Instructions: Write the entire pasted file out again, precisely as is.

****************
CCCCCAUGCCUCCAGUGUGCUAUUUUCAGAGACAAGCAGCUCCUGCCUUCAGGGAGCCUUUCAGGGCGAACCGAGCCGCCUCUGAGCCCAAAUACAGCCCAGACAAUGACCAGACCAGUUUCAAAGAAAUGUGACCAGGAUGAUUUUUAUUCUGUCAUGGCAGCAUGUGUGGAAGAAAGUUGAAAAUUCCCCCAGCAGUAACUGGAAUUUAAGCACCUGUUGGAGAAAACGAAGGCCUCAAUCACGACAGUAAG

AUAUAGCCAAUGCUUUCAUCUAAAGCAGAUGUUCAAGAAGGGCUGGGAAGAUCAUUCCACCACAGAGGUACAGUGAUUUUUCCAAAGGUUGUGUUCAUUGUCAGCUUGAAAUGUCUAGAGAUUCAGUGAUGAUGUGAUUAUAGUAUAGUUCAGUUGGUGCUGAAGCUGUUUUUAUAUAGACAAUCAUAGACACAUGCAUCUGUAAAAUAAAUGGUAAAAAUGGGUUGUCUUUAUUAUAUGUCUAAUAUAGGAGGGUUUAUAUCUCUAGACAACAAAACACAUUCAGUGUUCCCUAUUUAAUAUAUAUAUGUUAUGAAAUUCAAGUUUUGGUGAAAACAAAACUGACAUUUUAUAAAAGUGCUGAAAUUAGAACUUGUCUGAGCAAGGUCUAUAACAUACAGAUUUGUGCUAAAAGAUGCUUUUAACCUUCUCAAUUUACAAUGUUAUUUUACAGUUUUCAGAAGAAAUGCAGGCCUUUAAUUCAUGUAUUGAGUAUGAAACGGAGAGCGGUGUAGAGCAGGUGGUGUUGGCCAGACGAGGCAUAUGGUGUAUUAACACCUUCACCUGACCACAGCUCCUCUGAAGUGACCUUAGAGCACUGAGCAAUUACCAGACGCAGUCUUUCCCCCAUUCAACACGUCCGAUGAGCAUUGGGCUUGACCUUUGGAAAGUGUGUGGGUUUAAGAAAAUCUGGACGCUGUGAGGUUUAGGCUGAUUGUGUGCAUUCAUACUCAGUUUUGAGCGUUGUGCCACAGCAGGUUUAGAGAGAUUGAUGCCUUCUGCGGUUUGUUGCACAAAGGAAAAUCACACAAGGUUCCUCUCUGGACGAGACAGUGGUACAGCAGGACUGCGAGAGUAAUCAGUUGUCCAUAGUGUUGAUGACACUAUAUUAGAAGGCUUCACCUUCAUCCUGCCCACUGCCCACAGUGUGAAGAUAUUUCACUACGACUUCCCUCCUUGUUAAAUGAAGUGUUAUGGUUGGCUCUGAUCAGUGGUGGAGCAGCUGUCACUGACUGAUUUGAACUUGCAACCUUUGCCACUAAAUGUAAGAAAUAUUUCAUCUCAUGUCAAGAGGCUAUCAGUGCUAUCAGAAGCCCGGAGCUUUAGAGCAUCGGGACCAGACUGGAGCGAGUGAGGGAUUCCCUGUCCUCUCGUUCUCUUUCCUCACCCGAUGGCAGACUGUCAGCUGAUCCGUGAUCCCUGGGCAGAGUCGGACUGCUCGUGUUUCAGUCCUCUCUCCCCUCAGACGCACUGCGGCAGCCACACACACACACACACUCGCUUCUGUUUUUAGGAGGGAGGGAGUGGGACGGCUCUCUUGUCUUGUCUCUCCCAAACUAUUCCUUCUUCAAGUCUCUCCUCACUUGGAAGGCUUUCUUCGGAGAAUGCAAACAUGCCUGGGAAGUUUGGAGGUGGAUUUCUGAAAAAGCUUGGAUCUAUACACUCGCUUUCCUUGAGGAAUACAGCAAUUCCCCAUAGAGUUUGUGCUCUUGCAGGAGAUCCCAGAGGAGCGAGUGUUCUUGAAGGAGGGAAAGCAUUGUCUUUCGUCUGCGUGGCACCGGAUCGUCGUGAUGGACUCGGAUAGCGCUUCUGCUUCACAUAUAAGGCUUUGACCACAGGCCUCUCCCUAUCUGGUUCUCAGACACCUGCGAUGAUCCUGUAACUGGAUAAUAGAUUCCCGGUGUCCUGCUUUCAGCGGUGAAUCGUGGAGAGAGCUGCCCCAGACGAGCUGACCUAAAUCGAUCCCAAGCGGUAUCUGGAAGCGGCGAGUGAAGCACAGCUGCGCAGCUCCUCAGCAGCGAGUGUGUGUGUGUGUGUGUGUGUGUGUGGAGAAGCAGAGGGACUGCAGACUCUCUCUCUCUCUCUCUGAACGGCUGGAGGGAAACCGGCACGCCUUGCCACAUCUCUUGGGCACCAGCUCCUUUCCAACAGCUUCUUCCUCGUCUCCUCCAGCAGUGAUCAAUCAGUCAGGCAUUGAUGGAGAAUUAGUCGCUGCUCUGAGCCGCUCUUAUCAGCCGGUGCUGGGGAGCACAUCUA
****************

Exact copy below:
CCCCCAUGCCUCCAGUGUGCUAUUUUCAGAGACAAGCAGCUCCUGCCUUCAGGGAGCCUUUCAGGGCGAACCGAGCCGCCUCUGAGCCCAAAUACAGCCCAGACAAUGACCAGACCAGUUUCAAAGAAAUGUGACCAGGAUGAUUUUUAUUCUGUCAUGGCAGCAUGUGUGGAAGAAAGUUGAAAAUUCCCCCAGCAGUAACUGGAAUUUAAGCACCUGUUGGAGAAAACGAAGGCCUCAAUCACGACAGUAAG

AUAUAGCCAAUGCUUUCAUCUAAAGCAGAUGUUCAAGAAGGGCUGGGAAGAUCAUUCCACCACAGAGGUACAGUGAUUUUUCCAAAGGUUGUGUUCAUUGUCAGCUUGAAAUGUCUAGAGAUUCAGUGAUGAUGUGAUUAUAGUAUAGUUCAGUUGGUGCUGAAGCUGUUUUUAUAUAGACAAUCAUAGACACAUGCAUCUGUAAAAUAAAUGGUAAAAAUGGGUUGUCUUUAUUAUAUGUCUAAUAUAGGAGGGUUUAUAUCUCUAGACAACAAAACACAUUCAGUGUUCCCUAUUUAAUAUAUAUAUGUUAUGAAAUUCAAGUUUUGGUGAAAACAAAACUGACAUUUUAUAAAAGUGCUGAAAUUAGAACUUGUCUGAGCAAGGUCUAUAACAUACAGAUUUGUGCUAAAAGAUGCUUUUAACCUUCUCAAUUUACAAUGUUAUUUUACAGUUUUCAGAAGAAAUGCAGGCCUUUAAUUCAUGUAUUGAGUAUGAAACGGAGAGCGGUGUAGAGCAGGUGGUGUUGGCCAGACGAGGCAUAUGGUGUAUUAACACCUUCACCUGACCACAGCUCCUCUGAAGUGACCUUAGAGCACUGAGCAAUUACCAGACGCAGUCUUUCCCCCAUUCAACACGUCCGAUGAGCAUUGGGCUUGACCUUUGGAAAGUGUGUGGGUUUAAGAAAAUCUGGACGCUGUGAGGUUUAGGCUGAUUGUGUGCAUUCAUACUCAGUUUUGAGCGUUGUGCCACAGCAGGUUUAGAGAGAUUGAUGCCUUCUGCGGUUUGUUGCACAAAGGAAAAUCACACAAGGUUCCUCUCUGGACGAGACAGUGGUACAGCAGGACUGCGAGAGUAAUCAGUUGUCCAUAGUGUUGAUGACACUAUAUUAGAAGGCUUCACCUUCAUCCUGCCCACUGCCCACAGUGUGAAGAUAUUUCACUACGACUUCCCUCCUUGUUAAAUGAAGUGUUAUGGUUGGCUCUGAUCAGUGGUGGAGCAGCUGUCACUGACUGAUUUGAACUUGCAACCUUUGCCACUAAAUGUAAGAAAUAUUUCAUCUCAUGUCAAGAGGCUAUCAGUGCUAUCAGAAGCCCGGAGCUUUAGAGCAUCGGGACCAGACUGGAGCGAGUGAGGGAUUCCCUGUCCUCUCGUUCUCUUUCCUCACCCGAUGGCAGACUGUCAGCUGAUCCGUGAUCCCUGGGCAGAGUCGGACUGCUCGUGUUUCAGUCCUCUCUCCCCUCAGACGCACUGCGGCAGCCACACACACACACACACUCGCUUCUGUUUUUAGGAGGGAGGGAGUGGGACGGCUCUCUUGUCUUGUCUCUCCCAAACUAUUCCUUCUUCAAGUCUCUCCUCACUUGGAAGGCUUUCUUCGGAGAAUGCAAACAUGCCUGGGAAGUUUGGAGGUGGAUUUCUGAAAAAGCUUGGAUCUAUACACUCGCUUUCCUUGAGGAAUACAGCAAUUCCCCAUAGAGUUUGUGCUCUUGCAGGAGAUCCCAGAGGAGCGAGUGUUCUUGAAGGAGGGAAAGCAUUGUCUUUCGUCUGCGUGGCACCGGAUCGUCGUGAUGGACUCGGAUAGCGCUUCUGCUUCACAUAUAAGGCUUUGACCACAGGCCUCUCCCUAUCUGGUUCUCAGACACCUGCGAUGAUCCUGUAACUGGAUAAUAGAUUCCCGGUGUCCUGCUUUCAGCGGUGAAUCGUGGAGAGAGCUGCCCCAGACGAGCUGACCUAAAUCGAUCCCAAGCGGUAUCUGGAAGCGGCGAGUGAAGCACAGCUGCGCAGCUCCUCAGCAGCGAGUGUGUGUGUGUGUGUGUGUGUGUGUGGAGAAGCAGAGGGACUGCAGACUCUCUCUCUCUCUCUCUGAACGGCUGGAGGGAAACCGGCACGCCUUGCCACAUCUCUUGGGCACCAGCUCCUUUCCAACAGCUUCUUCCUCGUCUCCUCCAGCAGUGAUCAAUCAGUCAGGCAUUGAUGGAGAAUUAGUCGCUGCUCUGAGCCGCUCUUAUCAGCCGGUGCUGGGGAGCACAUCUA